How Chrome & Firefox Will Change the Treatment of HTTP Pages that Collect Passwords
In January of this year, (2017) Chrome & Firefox will begin showing ‘non-secure’ symbols in the address bar of HTTP pages that request that include a user login. Chrome will also add the notation on pages that capture credit card information; a warning that is already in place in the most recent version of Firefox. While these changes will not have a direct impact on search engine rankings (mobile or otherwise), they could have a significant indirect impact on secondary SEO signals like site engagement, bounce rate, and time on site. They could even hurt Pageviews-per Visit and site conversions, if the impact on the site is widespread.
Historically security notifications have focused only on pages that collect credit card information, so this increased focus on pages that collect login information is relatively new ground. Only about 25% of the web has made the transition to HTTPS so that leaves many HTTP pages potentially affected; especially if they have site-wide login functionality in the page templates. Google has been strongly recommending sites move to HTTPS for over a year, and even created a slight algorithmic ranking boost for sites that do, to incentivise the change. This round of browser updates puts a finer point on the need for websites to update, so that they can continue to build trust and safely engage with their users.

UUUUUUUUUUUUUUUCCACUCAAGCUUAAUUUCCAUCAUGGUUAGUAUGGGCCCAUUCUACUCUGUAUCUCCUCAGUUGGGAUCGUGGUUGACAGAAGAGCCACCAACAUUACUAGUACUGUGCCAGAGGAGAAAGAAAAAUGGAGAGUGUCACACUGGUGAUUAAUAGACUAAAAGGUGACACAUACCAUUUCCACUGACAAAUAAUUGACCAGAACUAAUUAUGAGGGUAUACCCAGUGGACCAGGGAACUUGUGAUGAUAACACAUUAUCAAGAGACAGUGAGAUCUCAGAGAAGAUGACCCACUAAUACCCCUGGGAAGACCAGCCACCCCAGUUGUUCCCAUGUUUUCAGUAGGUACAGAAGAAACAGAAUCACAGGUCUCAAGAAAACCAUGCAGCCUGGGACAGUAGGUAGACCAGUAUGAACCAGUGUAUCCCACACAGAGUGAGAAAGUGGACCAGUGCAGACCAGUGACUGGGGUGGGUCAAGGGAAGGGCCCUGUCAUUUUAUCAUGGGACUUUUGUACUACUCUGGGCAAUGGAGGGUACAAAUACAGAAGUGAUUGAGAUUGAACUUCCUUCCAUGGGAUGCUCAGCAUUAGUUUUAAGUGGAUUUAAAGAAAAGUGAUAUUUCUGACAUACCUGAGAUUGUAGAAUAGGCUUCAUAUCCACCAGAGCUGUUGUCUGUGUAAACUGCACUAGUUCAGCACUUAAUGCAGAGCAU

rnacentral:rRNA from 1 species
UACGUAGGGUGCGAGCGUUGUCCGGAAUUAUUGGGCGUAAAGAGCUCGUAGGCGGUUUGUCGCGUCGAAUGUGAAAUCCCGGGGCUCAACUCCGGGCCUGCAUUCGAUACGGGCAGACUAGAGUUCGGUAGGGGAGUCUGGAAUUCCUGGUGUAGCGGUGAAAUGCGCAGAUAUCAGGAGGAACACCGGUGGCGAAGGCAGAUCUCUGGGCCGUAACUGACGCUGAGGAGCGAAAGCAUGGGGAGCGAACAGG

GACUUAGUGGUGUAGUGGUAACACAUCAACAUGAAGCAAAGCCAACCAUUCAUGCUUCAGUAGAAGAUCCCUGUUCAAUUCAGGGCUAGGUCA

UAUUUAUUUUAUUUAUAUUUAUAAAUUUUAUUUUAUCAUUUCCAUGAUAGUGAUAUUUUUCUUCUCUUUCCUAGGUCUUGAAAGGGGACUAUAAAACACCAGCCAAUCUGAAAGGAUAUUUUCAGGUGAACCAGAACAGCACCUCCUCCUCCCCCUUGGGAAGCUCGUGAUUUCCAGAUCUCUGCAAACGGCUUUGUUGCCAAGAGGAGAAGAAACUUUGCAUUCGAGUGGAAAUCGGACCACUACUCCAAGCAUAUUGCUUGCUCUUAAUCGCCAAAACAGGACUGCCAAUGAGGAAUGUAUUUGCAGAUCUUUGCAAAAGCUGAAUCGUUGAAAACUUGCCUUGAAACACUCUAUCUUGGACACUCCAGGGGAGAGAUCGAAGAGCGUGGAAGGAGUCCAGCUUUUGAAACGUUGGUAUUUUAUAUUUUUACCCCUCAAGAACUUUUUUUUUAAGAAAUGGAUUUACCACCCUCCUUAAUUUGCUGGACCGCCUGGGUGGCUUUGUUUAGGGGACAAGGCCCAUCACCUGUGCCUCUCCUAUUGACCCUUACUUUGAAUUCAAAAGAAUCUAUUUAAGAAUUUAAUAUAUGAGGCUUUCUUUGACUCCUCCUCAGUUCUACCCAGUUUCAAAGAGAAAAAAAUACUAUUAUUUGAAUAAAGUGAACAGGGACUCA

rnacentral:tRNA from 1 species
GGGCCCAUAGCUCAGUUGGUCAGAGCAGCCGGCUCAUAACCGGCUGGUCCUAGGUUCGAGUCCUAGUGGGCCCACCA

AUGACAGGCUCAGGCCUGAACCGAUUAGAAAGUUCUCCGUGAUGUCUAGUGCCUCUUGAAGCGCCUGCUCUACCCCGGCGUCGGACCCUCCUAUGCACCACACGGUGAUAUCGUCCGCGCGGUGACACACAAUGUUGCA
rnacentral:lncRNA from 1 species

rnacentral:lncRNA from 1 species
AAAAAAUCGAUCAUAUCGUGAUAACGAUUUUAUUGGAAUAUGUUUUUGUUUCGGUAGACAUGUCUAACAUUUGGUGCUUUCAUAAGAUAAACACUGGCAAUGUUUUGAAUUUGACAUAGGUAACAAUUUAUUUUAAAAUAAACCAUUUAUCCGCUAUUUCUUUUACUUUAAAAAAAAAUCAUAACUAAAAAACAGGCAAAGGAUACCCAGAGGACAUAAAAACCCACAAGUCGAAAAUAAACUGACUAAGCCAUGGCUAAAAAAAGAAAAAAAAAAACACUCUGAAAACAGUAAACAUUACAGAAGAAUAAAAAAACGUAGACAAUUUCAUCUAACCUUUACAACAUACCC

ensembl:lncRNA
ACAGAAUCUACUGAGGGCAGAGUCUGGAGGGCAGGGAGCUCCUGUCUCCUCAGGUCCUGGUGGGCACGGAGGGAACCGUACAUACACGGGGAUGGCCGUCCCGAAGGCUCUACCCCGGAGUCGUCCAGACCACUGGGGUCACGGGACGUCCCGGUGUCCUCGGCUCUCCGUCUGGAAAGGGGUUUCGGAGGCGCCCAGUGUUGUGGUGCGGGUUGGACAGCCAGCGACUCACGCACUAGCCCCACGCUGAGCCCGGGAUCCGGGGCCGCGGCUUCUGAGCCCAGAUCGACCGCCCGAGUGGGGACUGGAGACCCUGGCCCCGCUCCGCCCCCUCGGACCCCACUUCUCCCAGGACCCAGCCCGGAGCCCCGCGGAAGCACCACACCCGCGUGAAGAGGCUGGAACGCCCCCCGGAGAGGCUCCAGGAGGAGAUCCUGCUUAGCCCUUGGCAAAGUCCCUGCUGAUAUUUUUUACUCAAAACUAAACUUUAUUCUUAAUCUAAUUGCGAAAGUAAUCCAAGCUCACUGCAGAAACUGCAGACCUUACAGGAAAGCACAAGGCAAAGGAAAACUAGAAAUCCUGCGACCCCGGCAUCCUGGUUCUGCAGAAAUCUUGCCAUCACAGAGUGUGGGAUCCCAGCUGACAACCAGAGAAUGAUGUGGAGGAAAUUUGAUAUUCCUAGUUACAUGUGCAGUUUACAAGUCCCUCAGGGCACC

What to Expect
Chrome 56 HTTPS Updates
The current desktop Chrome browser is Chrome 55, so the version that will launch later this month is Chrome 56. Chrome is set to auto update by default and it actively checks for updates from Google every 5 hours, so you can expect most visitors to be running Chrome 56 shortly after it launches. Chrome 56 will add a gray “Not Secure” message in the address bar, ahead of the url on all HTTP pages that include login functionality